Her columns have been syndicated around the country, and her work has appeared in the Wall Street Journal, the Chicago Tribune, the New York Times, Washington Post, and the Reader’s Digest. A collection of her essays, Nobody Fixes Real Carrot Sticks Anymore, first published in 1994 is still being published. She was given an Arizona Press Club award in 1994 for her work as a feature columnist. She has been a commentator on business issues on All Things Considered for National Public Radio.

She has conducted more than 300 workshops and seminars in the areas of business, personal, government, legal, academic and professional ethics. She has been named professor of the year in the College of Business in 1981, 1987, 2000, and 2010 and was the recipient of a Burlington Northern teaching excellence award in 1985. In 1999, she was given best article awards by the Academy of Legal Studies in Business and the Association for Government Accountants. She was given best article awards by the institute of Internal Auditors and Association of Government Accountants in 2001 and 2004. She has been a Dean’s Council of 100 Distinguished Scholar since 1995. In 2000, the Association of Government Accountants inducted her into its Speakers Hall of Fame. In 2005, she was named an All-Star Speaker by the Institute of Internal Auditors. In 2006, her article, “Ethics and Investment Management: True Reform,” was selected by the United Kingdom’s Emerald Management Review from 15,000 articles in 400 journals as one of the top 50 articles in 2005. She was named one of the Top 100 Thought Leaders by Trust Across America in 2010.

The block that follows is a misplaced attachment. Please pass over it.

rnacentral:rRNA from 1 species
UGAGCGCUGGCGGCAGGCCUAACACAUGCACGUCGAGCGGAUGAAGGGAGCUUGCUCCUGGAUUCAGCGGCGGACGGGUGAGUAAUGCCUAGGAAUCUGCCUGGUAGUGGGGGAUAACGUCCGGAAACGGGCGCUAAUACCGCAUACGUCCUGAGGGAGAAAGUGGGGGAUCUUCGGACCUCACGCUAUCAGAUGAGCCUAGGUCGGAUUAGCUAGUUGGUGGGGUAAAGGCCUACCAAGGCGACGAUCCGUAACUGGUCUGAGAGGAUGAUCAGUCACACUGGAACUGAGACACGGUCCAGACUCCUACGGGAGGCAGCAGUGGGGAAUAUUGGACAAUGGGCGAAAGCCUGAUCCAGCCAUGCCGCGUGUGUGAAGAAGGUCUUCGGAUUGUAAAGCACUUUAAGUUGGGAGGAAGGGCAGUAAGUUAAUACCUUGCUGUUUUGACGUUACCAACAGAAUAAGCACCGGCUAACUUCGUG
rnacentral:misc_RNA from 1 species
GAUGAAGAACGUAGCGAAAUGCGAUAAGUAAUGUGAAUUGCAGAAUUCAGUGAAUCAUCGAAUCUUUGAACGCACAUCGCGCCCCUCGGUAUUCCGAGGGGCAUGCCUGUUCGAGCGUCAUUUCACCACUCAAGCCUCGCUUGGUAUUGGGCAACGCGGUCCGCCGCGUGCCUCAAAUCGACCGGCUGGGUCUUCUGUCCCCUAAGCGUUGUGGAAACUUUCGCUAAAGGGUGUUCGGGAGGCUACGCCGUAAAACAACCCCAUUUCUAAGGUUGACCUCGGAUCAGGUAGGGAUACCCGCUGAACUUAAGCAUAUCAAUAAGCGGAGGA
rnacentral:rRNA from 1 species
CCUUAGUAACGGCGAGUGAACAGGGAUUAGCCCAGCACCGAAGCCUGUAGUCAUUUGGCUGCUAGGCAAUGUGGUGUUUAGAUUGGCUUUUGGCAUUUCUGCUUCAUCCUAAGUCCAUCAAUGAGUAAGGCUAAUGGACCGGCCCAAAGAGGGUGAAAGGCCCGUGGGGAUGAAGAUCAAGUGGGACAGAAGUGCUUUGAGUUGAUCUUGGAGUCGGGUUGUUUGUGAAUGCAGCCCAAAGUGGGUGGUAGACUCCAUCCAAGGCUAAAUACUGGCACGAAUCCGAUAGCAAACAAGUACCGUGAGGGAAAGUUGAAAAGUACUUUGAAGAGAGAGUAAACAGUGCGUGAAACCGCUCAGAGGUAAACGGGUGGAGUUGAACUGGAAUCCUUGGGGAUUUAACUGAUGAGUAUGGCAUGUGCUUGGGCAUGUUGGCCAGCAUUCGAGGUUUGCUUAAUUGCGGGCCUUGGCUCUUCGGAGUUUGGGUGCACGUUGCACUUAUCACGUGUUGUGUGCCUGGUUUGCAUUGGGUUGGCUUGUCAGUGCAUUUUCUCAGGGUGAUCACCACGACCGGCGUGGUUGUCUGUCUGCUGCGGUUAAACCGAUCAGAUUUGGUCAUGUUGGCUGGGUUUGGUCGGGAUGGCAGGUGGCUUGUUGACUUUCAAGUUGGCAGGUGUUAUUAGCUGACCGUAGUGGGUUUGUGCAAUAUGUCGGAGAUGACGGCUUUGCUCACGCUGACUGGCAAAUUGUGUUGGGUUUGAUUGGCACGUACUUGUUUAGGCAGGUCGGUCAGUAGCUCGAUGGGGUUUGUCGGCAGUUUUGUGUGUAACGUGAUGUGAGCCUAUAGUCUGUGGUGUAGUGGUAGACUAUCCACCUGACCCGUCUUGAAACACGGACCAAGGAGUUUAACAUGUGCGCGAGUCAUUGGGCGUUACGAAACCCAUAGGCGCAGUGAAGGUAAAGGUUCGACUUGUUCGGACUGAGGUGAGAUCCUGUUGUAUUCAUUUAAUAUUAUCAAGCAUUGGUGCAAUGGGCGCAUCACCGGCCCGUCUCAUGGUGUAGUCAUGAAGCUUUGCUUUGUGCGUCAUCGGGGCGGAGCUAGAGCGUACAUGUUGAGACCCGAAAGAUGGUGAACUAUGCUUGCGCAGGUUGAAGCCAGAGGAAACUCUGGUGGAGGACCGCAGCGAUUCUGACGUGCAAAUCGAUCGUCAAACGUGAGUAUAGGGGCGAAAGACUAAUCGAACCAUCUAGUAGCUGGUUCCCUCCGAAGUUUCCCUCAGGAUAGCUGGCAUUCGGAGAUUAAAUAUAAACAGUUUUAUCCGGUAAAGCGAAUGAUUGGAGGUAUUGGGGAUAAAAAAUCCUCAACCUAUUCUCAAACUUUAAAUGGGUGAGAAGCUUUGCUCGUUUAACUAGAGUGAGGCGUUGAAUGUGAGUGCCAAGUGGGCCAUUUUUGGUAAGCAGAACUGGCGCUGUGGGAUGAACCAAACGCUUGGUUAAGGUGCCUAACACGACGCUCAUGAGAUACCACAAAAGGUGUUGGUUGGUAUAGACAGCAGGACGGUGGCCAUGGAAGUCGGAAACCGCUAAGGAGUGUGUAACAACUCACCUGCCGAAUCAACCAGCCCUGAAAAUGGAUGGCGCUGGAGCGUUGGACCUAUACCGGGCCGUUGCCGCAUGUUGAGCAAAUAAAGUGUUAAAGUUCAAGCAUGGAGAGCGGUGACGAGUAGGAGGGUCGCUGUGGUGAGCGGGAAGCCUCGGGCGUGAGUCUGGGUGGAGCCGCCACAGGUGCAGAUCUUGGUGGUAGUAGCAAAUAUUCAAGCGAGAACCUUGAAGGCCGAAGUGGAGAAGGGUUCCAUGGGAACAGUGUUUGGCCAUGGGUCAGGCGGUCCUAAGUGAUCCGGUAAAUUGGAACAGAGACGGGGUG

She is a contributing editor for the Real Estate Law Journal, New Perspectives, The Smart Manager, and the Corporate Finance Review. She was appointed to the Board of Editors for the Financial Analysts Journal in 2007. She served as editor-in-chief of the Journal of Legal Studies Education during 2003-2004. During 1984-85, she served as then-Governor Bruce Babbitt’s appointee to the Arizona Corporation Commission. In 1999 she was appointed by Governor Jane Dee Hull to the Arizona Commission on Character. During 1986-1988, she served as Associate Dean in the College of Business. From 1986-87, she served as ASU’s faculty athletic representative to the NCAA and PAC-10. From 1999-2009 she served as president of the Arizona Association of Scholars.

She is a member of twelve professional organizations, including the State Bar of Arizona, and has served on four boards of directors, including Arizona Public Service (now Pinnacle West Capital) (1987-2000), Zealous Capital Corporation, and the Center for Children with Chronic Illness and Disability at the University of Minnesota. She served as chair of the Bonneville International Advisory Board for KHTC/KIDR from 1994-1997 and was a weekly commentator on KGLE during 1998. She was appointed to the board of advisors for the Institute of Nuclear Power Operators in 2004. She has appeared on CNBC, CBS This Morning, the Today Show, and CBS Evening News.

Personal: Married since 1976 to Terry H. Jennings, Maricopa County Attorney’s Office Deputy County Attorney; five children: Sarah, Sam, and John, and the late Claire and Hannah Jennings.

Posted June 2011